His robes erupted in flames. Before our eyes, he dissolved into sand and a wave of cold—the power of Chaos—rippled through the Hall of Ages. Columns shook. Chunks of stone fell from the ceiling. A slab the size of an oven crashed into the steps of the dais, almost crushing the pharaoh’s throne.

“Bring down,” I said, realizing what the hieroglyph meant. Even Isis seemed terrified by the invocation. “Sahei is Bring down.”

Amos swore in Ancient Egyptian—something about donkeys trampling Kwai’s ghost. “He used up his life force to cast this curse. The hall is already weakened. We’ll have to leave before we’re buried alive.”

I glanced around us at the fallen magicians. Some of our initiates were starting to stir, but there was no way we could get them all to safety in time.

“We have to stop it!” I insisted. “We have four gods present! Can’t we save the hall?”

Amos furrowed his brow. “The power of Set will not help me in this. He can only destroy, not restore.”

Another column toppled. It broke across the floor, barely missing one of the unconscious rebels.

Walt—who looked quite good in armor, by the way—shook his head. “This is beyond Anubis. I’m sorry.”

The floor rumbled. We had only seconds to live. Then we would be just another bunch of entombed Egyptians.

“Carter?” I asked.

He regarded me helplessly. He was still weak, and I realized his battle magic wouldn’t be much good in this situation.

I sighed. “So it comes down to me, as always. Fine. You three shield the others as best you can. If this doesn’t work, get out quickly.”

“If what doesn’t work?” Amos said, as more chunks of ceiling rained down around us. “Sadie, what are you planning?”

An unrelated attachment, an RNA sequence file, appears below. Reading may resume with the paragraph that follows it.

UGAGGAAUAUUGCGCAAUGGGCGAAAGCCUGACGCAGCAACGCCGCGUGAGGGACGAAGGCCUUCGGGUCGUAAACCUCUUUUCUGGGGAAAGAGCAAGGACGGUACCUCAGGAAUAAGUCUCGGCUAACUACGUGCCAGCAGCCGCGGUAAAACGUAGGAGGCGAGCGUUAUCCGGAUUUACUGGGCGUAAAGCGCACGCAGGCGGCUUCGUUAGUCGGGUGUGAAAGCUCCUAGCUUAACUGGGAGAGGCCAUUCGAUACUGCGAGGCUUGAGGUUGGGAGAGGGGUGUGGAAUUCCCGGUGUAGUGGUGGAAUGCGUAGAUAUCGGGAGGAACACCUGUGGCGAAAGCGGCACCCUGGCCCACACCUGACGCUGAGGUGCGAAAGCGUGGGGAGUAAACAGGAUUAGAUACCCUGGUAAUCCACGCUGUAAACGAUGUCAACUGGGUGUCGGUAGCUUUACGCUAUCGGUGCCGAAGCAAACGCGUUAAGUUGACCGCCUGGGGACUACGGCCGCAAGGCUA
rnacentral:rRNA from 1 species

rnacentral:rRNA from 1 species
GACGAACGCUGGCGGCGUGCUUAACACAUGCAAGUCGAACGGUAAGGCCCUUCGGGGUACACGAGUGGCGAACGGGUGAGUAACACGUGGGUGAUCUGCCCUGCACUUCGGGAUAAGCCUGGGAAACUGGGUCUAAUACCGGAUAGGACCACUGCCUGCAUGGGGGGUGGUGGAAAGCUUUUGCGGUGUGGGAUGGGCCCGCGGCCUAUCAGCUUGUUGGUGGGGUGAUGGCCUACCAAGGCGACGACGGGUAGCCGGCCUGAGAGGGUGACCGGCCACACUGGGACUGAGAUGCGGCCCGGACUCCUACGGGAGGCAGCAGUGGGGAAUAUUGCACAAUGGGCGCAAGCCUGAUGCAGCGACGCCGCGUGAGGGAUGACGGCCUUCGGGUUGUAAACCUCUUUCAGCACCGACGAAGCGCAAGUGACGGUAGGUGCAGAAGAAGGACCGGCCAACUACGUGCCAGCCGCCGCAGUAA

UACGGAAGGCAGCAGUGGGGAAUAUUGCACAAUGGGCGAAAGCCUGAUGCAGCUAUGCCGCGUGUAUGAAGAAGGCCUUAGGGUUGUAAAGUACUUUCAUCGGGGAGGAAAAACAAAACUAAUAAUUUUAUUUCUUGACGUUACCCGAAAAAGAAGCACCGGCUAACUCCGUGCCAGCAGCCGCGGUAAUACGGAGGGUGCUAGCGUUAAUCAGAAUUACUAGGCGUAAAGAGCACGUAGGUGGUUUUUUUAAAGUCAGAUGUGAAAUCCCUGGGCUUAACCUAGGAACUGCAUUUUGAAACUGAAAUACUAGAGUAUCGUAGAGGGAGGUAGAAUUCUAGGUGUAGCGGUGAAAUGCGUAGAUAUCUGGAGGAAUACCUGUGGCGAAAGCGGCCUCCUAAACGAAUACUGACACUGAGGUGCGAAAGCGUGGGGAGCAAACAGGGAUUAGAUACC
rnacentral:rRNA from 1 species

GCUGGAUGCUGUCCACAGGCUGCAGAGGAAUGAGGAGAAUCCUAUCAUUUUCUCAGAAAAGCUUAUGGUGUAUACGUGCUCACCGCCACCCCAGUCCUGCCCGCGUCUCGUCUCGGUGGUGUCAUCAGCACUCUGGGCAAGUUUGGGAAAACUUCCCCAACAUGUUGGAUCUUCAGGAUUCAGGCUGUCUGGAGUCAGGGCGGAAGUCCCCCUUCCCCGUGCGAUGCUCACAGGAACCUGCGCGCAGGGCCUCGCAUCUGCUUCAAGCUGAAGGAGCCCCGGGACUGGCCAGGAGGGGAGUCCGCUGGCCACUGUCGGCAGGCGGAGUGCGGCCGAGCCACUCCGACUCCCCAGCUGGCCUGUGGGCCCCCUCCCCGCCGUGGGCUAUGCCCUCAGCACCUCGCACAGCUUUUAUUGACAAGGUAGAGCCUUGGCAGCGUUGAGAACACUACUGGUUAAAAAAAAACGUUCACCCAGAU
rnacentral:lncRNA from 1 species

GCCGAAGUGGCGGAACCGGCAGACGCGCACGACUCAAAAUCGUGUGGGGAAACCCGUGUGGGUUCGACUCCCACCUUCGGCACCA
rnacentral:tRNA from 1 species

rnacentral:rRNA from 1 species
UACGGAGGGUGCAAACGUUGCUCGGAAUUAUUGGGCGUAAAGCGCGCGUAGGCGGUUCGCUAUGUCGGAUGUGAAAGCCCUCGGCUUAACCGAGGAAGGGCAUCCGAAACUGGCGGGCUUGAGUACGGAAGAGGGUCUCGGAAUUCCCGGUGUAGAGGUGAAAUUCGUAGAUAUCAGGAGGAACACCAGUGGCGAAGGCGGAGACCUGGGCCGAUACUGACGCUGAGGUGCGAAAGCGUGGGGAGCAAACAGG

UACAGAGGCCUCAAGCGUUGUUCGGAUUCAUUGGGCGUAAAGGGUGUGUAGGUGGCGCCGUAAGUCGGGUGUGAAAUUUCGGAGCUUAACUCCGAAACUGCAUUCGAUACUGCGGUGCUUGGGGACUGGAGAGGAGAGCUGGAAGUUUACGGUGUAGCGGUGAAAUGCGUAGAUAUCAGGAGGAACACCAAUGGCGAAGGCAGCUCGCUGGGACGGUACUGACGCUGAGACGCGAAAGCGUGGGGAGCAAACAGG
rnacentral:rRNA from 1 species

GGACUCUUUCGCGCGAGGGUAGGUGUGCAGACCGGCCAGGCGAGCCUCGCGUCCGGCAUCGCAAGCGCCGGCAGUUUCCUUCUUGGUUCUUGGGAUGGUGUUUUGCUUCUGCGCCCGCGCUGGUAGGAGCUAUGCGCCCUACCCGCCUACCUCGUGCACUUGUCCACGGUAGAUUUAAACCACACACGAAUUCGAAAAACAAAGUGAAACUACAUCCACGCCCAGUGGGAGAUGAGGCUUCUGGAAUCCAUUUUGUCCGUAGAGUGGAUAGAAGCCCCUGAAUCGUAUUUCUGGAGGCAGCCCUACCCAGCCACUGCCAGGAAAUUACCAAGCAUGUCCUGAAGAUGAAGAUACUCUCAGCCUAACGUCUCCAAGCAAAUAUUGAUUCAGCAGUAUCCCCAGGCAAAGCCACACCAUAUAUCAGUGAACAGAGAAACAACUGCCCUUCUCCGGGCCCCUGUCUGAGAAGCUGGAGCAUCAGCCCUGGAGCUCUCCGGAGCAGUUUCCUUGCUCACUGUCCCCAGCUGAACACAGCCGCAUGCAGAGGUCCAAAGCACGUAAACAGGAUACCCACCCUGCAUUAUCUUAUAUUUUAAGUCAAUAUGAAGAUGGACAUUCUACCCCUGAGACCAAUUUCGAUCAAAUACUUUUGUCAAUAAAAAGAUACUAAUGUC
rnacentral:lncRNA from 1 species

“Just a word, dear uncle.” I raised my staff and called on the power of Isis.

She immediately understood what I needed. Together, we tried to find calm in the Chaos. I focused on the most peaceful, well-ordered moments of my life—and there weren’t many. I remembered my sixth birthday party in Los Angeles with Carter, my dad and mum—the last clear memory I had of all of us together as a family. I imagined listening to music in my room at Brooklyn House while Khufu ate Cheerios on my dresser. I imagined sitting on the terrace with my friends, having a restful breakfast as Philip of Macedonia splashed in his pool. I remembered Sunday afternoons at Gran and Gramps’s flat—Muffin on my lap, Gramps’s rugby game on the telly, and Gran’s horrible biscuits and weak tea on the table. Good times, those were.

Most important, I faced down my own chaos. I accepted my jumbled emotions about whether I belonged in London or New York, whether I was a magician or a schoolgirl. I was Sadie Kane, and if I survived today, I could bloody well balance it all. And, yes, I accepted Walt and Anubis…I gave up my anger and dismay. I imagined both of them with me, and if that was peculiar, well then, it fit right in with the rest of my life. I made peace with the idea. Walt was alive. Anubis was flesh and blood. I stilled my restlessness and let go of my doubts.

“Ma’at,” I said.

I felt as if I’d struck a tuning fork against the foundation of the earth. Deep harmony resonated outward through every level of the Duat.

The Hall of Ages stilled. Columns rose and repaired themselves. The cracks in the ceiling and floor sealed. Holographic curtains of light blazed once again along either side of the hall, and hieroglyphs once more filled the air.

I collapsed into Walt’s arms. Through my fuzzy vision, I saw him smiling down at me. Anubis, too. I could see them both, and I realized I didn’t have to pick.